Lined up BT recruits more engineers
(Guardian (UK) Via Acquire Media NewsEdge) BT is hiring 1,600 engineers amid criticism from regulators over the speed at which new internet connections are installed and faults are repaired.
The telecoms company, whose network is also relied on by dozens of other broadband providers including Sky and TalkTalk, has been rapped by watchdogs for leaving customers stranded without web access for too long.
Watchdog Ofcom will tomorrow publish its decision on tough sanctions to ensure BT repairs faults within two working days and installs new lines within 12 working days.
"One customer being out of service for too long is one too many," said Joe Garner, chief executive of Openreach, which builds and maintains BT's network. Garner said the new recruits would be a "welcome boost" to an engineering workforce that completes hundreds of thousands of jobs - such as installing fibre optic lines - each week.
Garner promised that by the summer, BT would publish regular information on its service performance. The only information available to the public, on the website of the Office of the Telecoms Adjudicator, is often difficult to understand.Garner has promised to be better at maintaining Openreach's vast network, which reaches almost all of the UK's 28 million premises, for example by rewiring ageing telegraph poles.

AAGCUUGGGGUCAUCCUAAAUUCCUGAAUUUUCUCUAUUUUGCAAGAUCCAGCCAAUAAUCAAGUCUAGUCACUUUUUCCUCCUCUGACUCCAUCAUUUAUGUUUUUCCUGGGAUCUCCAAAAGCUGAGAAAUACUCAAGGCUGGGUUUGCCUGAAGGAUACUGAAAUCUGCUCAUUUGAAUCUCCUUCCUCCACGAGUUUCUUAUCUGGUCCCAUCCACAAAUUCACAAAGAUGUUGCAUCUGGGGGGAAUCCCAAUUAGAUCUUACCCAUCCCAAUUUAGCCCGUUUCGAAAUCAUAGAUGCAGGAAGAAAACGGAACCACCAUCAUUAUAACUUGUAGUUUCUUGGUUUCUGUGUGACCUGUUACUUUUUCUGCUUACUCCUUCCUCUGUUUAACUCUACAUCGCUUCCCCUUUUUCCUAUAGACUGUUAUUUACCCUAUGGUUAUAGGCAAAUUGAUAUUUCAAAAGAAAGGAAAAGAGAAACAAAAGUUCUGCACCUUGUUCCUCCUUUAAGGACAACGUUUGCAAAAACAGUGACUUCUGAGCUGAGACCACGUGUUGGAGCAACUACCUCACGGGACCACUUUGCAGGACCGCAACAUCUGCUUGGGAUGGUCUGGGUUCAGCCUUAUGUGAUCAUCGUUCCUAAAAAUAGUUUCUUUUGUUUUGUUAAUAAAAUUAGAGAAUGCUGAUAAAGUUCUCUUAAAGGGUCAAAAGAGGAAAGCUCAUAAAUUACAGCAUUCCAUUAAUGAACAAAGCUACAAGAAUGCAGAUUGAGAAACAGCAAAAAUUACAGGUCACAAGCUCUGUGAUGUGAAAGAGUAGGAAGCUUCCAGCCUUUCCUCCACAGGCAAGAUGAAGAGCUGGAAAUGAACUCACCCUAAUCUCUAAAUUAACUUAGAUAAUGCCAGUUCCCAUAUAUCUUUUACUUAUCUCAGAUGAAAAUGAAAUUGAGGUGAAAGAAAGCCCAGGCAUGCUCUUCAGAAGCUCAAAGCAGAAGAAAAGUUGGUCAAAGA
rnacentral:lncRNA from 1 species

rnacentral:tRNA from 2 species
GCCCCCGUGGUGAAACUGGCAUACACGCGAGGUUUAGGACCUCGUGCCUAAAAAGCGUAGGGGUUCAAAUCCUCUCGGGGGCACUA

However, he said Openreach would not be setting up a call centre to deal with customer complaints. Those with a broadband problem would have to deal with whoever bills them for broadband, whether that be BT's own retail arm or another company.
Openreach employs more people than the Navy, with 31,600 staff. As the company has been ramping up the rollout of its fibre-optic network, numbers have grown by 1,200 in the last year. Many recruits will be drawn from the armed forces. He also wants more female engineers - less than 10% of Openreach staff are women. Juliette Garside
Photograph: Denise Barnes
(c) 2014 Guardian Newspapers Limited.
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